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Genome Growth and the Evolution of the Genotype-Phenotype Map

Summary: Genome Growth and the
Evolution of the Genotype-Phenotype Map
Lee Altenberg

Institute of Statistics and Decision Sciences,
Duke University, Durham, NC 27708-0251 U.S.A
The evolution of new genes differs fundamentally from evolution through allelic
substitution, because it is through the evolution of new genes that the genome acquires
its degreesof freedom for genetic variability. Selection in the evolution of new genes can
therefore shape the nature of variability in the genome. An analysis of this effect reveals
an evolutionary mechanism that can affect the variational properties of the genome and
its evolvability. One consequence of selective genome growth is a form of genic selec-
tion: genes with large potential for generating new useful genes when duplicated ought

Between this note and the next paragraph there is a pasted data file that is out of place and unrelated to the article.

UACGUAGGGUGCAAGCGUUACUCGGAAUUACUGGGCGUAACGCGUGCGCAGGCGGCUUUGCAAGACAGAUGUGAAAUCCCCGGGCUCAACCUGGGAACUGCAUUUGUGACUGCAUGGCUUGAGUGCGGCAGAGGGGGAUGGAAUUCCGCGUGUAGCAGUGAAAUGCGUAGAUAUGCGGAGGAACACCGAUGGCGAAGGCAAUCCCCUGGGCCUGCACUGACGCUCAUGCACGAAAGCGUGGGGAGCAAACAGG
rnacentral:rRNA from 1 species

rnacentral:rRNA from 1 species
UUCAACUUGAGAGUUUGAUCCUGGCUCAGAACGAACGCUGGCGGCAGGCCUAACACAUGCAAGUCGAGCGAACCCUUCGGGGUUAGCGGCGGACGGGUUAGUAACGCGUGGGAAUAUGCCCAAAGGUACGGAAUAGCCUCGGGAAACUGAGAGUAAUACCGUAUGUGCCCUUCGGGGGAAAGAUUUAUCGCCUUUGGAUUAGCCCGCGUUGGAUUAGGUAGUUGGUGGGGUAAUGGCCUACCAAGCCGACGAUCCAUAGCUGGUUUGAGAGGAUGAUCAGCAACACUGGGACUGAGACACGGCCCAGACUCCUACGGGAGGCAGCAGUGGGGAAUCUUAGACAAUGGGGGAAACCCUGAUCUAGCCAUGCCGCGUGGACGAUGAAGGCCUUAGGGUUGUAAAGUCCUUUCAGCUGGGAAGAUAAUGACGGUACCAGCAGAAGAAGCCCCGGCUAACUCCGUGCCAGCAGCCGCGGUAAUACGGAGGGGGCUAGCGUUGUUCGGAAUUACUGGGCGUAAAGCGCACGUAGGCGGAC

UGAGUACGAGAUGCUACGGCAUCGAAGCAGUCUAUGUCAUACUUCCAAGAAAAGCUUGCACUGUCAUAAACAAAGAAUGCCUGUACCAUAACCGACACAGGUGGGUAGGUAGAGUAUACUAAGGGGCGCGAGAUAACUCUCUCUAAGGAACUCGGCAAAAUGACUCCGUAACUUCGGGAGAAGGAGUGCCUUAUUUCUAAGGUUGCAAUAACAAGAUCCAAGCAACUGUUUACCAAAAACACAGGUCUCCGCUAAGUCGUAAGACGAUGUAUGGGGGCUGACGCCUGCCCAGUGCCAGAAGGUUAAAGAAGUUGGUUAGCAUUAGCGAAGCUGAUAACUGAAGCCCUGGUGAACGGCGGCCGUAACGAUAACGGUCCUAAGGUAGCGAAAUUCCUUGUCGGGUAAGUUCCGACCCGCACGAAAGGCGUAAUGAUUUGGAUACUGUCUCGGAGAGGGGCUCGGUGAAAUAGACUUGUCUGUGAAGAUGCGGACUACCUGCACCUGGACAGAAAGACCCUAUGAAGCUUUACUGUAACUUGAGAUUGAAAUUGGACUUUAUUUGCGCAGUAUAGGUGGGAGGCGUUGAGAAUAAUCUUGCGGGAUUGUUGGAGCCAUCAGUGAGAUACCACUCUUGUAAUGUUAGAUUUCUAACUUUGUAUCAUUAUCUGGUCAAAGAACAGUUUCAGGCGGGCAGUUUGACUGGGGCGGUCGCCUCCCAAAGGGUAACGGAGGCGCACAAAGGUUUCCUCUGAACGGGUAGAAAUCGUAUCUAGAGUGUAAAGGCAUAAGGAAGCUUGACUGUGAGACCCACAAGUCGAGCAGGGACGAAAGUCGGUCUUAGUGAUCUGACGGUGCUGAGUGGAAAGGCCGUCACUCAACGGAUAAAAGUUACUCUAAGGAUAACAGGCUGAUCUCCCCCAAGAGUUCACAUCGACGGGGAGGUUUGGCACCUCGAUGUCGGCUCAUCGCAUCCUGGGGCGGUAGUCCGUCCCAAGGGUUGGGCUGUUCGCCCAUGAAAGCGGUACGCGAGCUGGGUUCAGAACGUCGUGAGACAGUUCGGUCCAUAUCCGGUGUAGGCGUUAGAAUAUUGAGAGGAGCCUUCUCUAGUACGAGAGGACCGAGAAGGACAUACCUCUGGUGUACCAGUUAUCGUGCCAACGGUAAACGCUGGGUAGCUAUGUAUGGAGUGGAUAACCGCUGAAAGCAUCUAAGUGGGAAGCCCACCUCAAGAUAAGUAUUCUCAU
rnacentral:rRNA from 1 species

to proliferate in the genome, rendering it ever more capable of generating adaptive vari-
ants. A second consequence is that alleles of new genes whose creation produced a
selective advantage may be more likely to also produce a selective advantage, provided
that gene creation and allelic variation have correlated phenotypic effects. A fitness dis-
tribution model is analyzed which demonstrates these two effects quantitatively. These
are effects that select on the nature of the genotype-phenotype map. New genes that
perturb numerous functions under stabilizing selection, i.e. with high pleiotropy, are


Source: Altenberg, Lee - Department of Information and Computer Science, University of Hawai'i at Manoa


Collections: Computer Technologies and Information Sciences